In the age of mass punishment, the carceral state gives meaning to race in America.78×78. Loïc Wacquant, Deadly Symbiosis: When Ghetto and Prison Meet and Mesh, 3 Punishment & Soc’y 95, 117 (2001); see also Asad L. Asad & Matthew Clair, Racialized Legal Status as a Social Determinant of Health, 199 Soc. Sci. & Med. 19, 20 (2018); Issa Kohler-Hausmann, Eddie Murphy and the Dangers of Counterfactual Causal Thinking About Detecting Racial Discrimination, 113 Nw. U. L. Rev. (forthcoming Mar. 2019); Mario Luis Small, Four Reasons to Abandon the Idea of “The Ghetto,” 7 City & Community 389, 389 (2008) (describing “strong conceptions of the ghetto”). The consequence of punishment is part of what makes race “real.”79×79. I allude here to a basic principle in the social construction of race — the idea that race is socially constructed and real because it is “real in [its] consequences.” William I. Thomas & Dorothy Swaine Thomas, The Child in America 572 (1928) (“If [humans] define situations as real, they are real in their consequences.”); Mara Loveman, Is “Race” Essential?, 64 Am. Soc. Rev. 891, 891 n.2 (1999); Kohler-Hausmann, supra note 78. This is to say, we would not have “criminalization of poverty” if a particular type of poverty — urban, segregated, related to the withholding of structural opportunity — were not so closely associated with race.80×80. See, e.g., Hinton, supra note 50, at 10–12; Lincoln Quillian, Segregation and Poverty Concentration: The Role of Three Segregations, 77 Am. Soc. Rev. 354, 376 (2012). Criminal fines and fees in the United States originated in convict leasing and the punishment of free blacks during slavery.81×81. See, e.g., Douglas A. Blackmon, Slavery by Another Name 7–8 (2008); Harris, supra note 31, at 156–58; David M. Oshinsky, “Worse than Slavery”: Parchman Farm and the Ordeal of Jim Crow Justice 34–37 (1996). As many scholars have pointed out, the nature and context of poverty vary by race such that even if a young black man and a young white man have the same income, the effect of income on each young man’s likelihood of experiencing incarceration will be different.82×82. See, e.g., Western, supra note 28, at 77–78. In 2012, 12.3% of young white men in America aged 20–34 had less than a high school education.83×83. Becky Pettit & Bryan L. Sykes, Civil Rights Legislation and Legalized Exclusion: Mass Incarceration and the Masking of Inequality, 30 Soc. F. 589, 597–98 (2015). For young African American men, that number was 35.5% — more than one-third.84×84. Id. As sociologist Megan Comfort has poignantly remarked, “prison has become the college of the poor and the dark skinned.”85×85. Megan Comfort, “It Was Basically College to Us”: Poverty, Prison, and Emerging Adulthood, 16 J. Poverty 308, 316 (2012); see also Pettit, supra note 29, at 68.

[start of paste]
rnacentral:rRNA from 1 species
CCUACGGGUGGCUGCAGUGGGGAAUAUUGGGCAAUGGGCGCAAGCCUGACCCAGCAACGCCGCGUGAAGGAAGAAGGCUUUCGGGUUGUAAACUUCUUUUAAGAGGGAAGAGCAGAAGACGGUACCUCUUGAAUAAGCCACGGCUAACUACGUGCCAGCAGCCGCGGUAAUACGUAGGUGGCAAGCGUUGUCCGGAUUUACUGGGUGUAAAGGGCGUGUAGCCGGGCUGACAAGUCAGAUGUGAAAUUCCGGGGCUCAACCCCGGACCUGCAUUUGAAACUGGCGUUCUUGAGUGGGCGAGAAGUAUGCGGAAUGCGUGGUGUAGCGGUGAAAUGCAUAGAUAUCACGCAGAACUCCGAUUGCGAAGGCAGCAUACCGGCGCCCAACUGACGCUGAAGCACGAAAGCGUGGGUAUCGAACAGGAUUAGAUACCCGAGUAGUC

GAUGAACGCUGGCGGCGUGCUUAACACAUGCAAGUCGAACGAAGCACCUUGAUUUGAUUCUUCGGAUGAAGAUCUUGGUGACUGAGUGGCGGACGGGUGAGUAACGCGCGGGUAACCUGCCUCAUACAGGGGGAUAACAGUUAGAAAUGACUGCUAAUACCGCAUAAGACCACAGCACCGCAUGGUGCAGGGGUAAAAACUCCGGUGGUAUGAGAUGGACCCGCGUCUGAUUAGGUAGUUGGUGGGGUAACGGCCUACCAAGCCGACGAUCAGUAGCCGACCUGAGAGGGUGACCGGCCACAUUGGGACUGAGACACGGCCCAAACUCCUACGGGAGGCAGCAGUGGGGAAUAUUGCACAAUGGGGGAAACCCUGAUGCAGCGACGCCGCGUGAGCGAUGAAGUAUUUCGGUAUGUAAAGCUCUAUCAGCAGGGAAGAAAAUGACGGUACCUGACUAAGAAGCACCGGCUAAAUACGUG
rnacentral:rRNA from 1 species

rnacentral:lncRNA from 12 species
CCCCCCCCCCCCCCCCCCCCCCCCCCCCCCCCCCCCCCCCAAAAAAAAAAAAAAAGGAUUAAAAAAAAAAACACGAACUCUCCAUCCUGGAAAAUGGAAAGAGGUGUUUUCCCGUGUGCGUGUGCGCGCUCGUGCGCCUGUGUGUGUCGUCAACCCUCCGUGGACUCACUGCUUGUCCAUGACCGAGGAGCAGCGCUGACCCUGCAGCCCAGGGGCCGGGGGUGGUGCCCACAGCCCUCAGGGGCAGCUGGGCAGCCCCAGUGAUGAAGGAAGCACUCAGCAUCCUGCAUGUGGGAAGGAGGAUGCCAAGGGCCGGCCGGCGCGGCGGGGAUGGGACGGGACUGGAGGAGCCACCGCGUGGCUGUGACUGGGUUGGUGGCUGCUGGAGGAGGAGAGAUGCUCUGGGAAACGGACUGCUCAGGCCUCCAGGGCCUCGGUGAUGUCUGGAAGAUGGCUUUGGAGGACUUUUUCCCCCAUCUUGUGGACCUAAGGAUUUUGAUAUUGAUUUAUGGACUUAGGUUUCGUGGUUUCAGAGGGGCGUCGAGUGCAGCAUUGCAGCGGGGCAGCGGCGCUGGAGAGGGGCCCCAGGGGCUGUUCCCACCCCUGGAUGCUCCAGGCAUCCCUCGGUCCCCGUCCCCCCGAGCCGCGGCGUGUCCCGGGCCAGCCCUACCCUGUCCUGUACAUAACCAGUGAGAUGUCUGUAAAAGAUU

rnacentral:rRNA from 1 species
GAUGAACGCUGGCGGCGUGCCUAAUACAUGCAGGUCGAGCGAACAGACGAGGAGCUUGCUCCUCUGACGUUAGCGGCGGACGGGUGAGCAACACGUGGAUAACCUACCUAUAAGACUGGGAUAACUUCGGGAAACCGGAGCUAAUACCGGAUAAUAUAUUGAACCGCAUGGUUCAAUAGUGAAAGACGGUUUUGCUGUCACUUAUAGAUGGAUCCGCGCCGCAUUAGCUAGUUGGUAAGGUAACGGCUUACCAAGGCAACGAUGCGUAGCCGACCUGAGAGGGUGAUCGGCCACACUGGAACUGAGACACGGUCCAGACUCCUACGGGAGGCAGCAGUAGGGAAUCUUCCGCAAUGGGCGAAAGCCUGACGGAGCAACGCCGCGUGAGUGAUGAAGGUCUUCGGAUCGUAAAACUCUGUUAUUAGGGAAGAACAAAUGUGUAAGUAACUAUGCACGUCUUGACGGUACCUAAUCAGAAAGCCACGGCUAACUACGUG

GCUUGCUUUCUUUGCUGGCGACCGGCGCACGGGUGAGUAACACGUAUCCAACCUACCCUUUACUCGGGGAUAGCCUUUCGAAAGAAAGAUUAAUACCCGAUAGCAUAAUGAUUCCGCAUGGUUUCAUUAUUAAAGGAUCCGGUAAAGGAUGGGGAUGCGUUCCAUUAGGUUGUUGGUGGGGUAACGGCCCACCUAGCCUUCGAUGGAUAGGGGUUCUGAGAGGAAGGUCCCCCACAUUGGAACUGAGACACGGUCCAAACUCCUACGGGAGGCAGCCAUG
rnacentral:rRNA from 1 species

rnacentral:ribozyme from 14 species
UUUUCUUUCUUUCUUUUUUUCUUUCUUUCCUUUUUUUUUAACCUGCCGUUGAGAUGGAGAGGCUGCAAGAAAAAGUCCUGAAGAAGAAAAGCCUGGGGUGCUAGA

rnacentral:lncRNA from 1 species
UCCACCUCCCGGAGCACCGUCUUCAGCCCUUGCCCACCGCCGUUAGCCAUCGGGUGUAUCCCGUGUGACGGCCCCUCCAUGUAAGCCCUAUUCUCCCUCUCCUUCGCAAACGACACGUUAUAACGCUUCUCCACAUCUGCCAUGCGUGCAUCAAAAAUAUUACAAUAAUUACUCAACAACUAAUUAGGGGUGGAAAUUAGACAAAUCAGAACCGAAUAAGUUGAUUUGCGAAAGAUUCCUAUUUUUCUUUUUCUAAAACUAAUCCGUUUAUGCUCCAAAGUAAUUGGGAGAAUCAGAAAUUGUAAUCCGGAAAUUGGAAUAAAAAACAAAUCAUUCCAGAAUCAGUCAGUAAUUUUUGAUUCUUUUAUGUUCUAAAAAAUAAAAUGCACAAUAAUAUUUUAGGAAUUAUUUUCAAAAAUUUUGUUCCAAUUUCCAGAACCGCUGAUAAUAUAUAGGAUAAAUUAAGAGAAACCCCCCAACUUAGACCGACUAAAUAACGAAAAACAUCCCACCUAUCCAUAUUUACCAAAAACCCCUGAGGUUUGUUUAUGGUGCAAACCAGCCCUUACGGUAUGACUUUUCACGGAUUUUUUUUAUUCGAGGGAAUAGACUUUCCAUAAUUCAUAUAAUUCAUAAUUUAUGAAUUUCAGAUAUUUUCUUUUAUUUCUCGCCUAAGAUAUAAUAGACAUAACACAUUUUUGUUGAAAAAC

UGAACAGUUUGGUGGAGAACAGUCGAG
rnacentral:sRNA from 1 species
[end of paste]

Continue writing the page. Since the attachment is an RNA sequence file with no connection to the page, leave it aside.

To think of this issue as merely a matter of racial disproportionality or disparate impact overlooks the fact that the aspects of poverty that are criminalized are the aspects thought to be most associated with black communities. This is why, for example, employers regularly assume that certain subsets of African American men who apply for jobs have criminal records, even if they have ostensibly “banned the box.”86×86. See, e.g., Mike Vuolo, Sarah Lageson & Christopher Uggen, Criminal Record Questions in the Era of “Ban the Box,” 16 Criminology & Pub. Pol’y 139, 143 (2017); Amanda Agan & Sonja Starr, Ban the Box, Criminal Records, and Statistical Discrimination: A Field Experiment 3 (Univ. of Mich. Law & Econ. Research Paper Series, Paper No. 16-012, 2016), https://papers.ssrn.com/sol3/papers.cfm?abstract_id=2795795 [https://perma.cc/4AAU-HB2B]; Jennifer L. Doleac & Benjamin Hansen, Does “Ban the Box” Help or Hurt Low-Skilled Workers? Statistical Discrimination and Employment Outcomes When Criminal Histories Are Hidden 4 (Nat’l Bureau of Econ. Research, Working Paper No. 22469, 2016), http://www.nber.org/papers/w22469 [https://perma.cc/86NV-E4SD]. This is why, to avoid liability for racial steering under the Fair Housing Act, landlords and realtors should be wary of sharing information about a neighborhood’s crime rate or crime history with potential clients: marking a place as criminal is to mark it as black.87×87. See, e.g., Stephanie Booth, 4 Questions Your Agent Might Not Answer — And Why, Realtor.com (Oct. 10, 2016), https://www.realtor.com/advice/buy/questions-realtors-wont-answer/ [https://perma.cc/XU3G-JQFA]; Devon Thornsby, What Your Real Estate Agent Can’t Tell You, U.S. News (Dec. 14, 2015, 12:18 PM), https://realestate.usnews.com/real-estate/articles/what-your-real-estate-agent-cant-tell-you [https://perma.cc/UTC2-C94G]. This is the reason that the racial composition of an area is a better predictor of whether police officers and laypersons will describe an area as “high-crime” than are actual crime rates.88×88. See Quillian & Pager, supra note 46, at 718; Sampson & Raudenbush, supra note 46, at 320. In terms of social meaning: race means income; race means class; race means perception as criminal; race means status before legal institutions. And, in each case, the reverse is often true.